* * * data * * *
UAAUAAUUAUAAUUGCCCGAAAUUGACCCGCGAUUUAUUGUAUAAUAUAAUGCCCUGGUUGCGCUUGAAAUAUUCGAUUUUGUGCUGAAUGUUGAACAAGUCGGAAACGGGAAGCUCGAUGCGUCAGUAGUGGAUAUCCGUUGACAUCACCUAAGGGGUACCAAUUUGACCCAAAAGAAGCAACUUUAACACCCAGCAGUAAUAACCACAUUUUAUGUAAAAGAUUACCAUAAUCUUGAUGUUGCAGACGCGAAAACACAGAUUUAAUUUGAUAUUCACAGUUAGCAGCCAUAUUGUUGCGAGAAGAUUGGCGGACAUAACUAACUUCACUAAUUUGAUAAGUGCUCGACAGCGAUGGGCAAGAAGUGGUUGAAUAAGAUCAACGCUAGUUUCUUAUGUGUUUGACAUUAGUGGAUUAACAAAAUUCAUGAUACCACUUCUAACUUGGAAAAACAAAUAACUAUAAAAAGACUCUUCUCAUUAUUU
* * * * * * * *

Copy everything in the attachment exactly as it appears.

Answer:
UAAUAAUUAUAAUUGCCCGAAAUUGACCCGCGAUUUAUUGUAUAAUAUAAUGCCCUGGUUGCGCUUGAAAUAUUCGAUUUUGUGCUGAAUGUUGAACAAGUCGGAAACGGGAAGCUCGAUGCGUCAGUAGUGGAUAUCCGUUGACAUCACCUAAGGGGUACCAAUUUGACCCAAAAGAAGCAACUUUAACACCCAGCAGUAAUAACCACAUUUUAUGUAAAAGAUUACCAUAAUCUUGAUGUUGCAGACGCGAAAACACAGAUUUAAUUUGAUAUUCACAGUUAGCAGCCAUAUUGUUGCGAGAAGAUUGGCGGACAUAACUAACUUCACUAAUUUGAUAAGUGCUCGACAGCGAUGGGCAAGAAGUGGUUGAAUAAGAUCAACGCUAGUUUCUUAUGUGUUUGACAUUAGUGGAUUAACAAAAUUCAUGAUACCACUUCUAACUUGGAAAAACAAAUAACUAUAAAAAGACUCUUCUCAUUAUUU